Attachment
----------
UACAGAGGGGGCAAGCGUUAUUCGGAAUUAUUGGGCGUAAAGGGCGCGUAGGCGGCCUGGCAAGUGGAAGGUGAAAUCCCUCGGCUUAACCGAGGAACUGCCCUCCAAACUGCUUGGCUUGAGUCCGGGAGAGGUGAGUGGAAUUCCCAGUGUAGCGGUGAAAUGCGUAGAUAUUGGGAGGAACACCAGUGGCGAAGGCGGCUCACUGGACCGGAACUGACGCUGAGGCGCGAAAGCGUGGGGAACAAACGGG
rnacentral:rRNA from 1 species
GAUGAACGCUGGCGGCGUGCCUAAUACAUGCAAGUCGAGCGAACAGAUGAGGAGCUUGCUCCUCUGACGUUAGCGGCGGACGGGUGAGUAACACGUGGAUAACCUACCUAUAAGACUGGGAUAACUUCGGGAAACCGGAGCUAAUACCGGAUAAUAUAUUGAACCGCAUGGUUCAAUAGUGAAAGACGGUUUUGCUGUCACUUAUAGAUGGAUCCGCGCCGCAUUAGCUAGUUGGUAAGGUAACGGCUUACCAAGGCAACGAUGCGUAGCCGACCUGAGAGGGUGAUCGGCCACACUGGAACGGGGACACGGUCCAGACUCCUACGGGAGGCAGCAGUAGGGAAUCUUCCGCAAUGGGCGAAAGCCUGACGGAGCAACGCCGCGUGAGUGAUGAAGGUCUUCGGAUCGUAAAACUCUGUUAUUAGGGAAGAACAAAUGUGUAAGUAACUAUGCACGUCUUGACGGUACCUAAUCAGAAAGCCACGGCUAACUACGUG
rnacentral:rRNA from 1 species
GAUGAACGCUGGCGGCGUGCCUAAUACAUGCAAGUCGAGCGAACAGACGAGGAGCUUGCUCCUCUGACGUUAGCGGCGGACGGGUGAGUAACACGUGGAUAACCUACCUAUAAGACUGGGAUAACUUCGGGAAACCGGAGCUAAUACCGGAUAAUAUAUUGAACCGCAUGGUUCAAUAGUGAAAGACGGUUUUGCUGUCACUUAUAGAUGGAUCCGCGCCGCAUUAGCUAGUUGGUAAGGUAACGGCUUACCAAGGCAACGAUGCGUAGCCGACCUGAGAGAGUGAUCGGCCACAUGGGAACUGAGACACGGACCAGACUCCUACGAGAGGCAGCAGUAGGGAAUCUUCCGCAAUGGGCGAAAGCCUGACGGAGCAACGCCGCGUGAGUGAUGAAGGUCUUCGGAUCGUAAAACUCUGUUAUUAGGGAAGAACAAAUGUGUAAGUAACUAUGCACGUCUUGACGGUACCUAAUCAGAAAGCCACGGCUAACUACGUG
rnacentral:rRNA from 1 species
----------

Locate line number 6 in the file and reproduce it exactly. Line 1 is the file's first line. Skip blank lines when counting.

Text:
rnacentral:rRNA from 1 species